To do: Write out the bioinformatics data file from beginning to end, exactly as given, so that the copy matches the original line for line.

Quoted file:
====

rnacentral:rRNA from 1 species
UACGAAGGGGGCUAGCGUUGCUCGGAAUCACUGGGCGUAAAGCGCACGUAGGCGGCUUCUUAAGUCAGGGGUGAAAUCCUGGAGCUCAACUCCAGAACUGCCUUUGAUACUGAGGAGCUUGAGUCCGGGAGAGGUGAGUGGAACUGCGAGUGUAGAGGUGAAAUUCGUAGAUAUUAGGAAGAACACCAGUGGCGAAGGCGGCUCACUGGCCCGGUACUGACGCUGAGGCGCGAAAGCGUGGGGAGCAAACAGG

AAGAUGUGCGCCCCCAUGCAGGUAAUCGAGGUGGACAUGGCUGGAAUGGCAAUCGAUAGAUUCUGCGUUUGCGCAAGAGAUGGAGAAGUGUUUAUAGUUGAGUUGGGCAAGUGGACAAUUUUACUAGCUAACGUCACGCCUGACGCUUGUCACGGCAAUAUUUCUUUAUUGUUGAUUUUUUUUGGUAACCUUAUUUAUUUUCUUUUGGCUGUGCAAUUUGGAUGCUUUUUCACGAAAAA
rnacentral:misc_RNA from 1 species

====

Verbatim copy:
rnacentral:rRNA from 1 species
UACGAAGGGGGCUAGCGUUGCUCGGAAUCACUGGGCGUAAAGCGCACGUAGGCGGCUUCUUAAGUCAGGGGUGAAAUCCUGGAGCUCAACUCCAGAACUGCCUUUGAUACUGAGGAGCUUGAGUCCGGGAGAGGUGAGUGGAACUGCGAGUGUAGAGGUGAAAUUCGUAGAUAUUAGGAAGAACACCAGUGGCGAAGGCGGCUCACUGGCCCGGUACUGACGCUGAGGCGCGAAAGCGUGGGGAGCAAACAGG

AAGAUGUGCGCCCCCAUGCAGGUAAUCGAGGUGGACAUGGCUGGAAUGGCAAUCGAUAGAUUCUGCGUUUGCGCAAGAGAUGGAGAAGUGUUUAUAGUUGAGUUGGGCAAGUGGACAAUUUUACUAGCUAACGUCACGCCUGACGCUUGUCACGGCAAUAUUUCUUUAUUGUUGAUUUUUUUUGGUAACCUUAUUUAUUUUCUUUUGGCUGUGCAAUUUGGAUGCUUUUUCACGAAAAA
rnacentral:misc_RNA from 1 species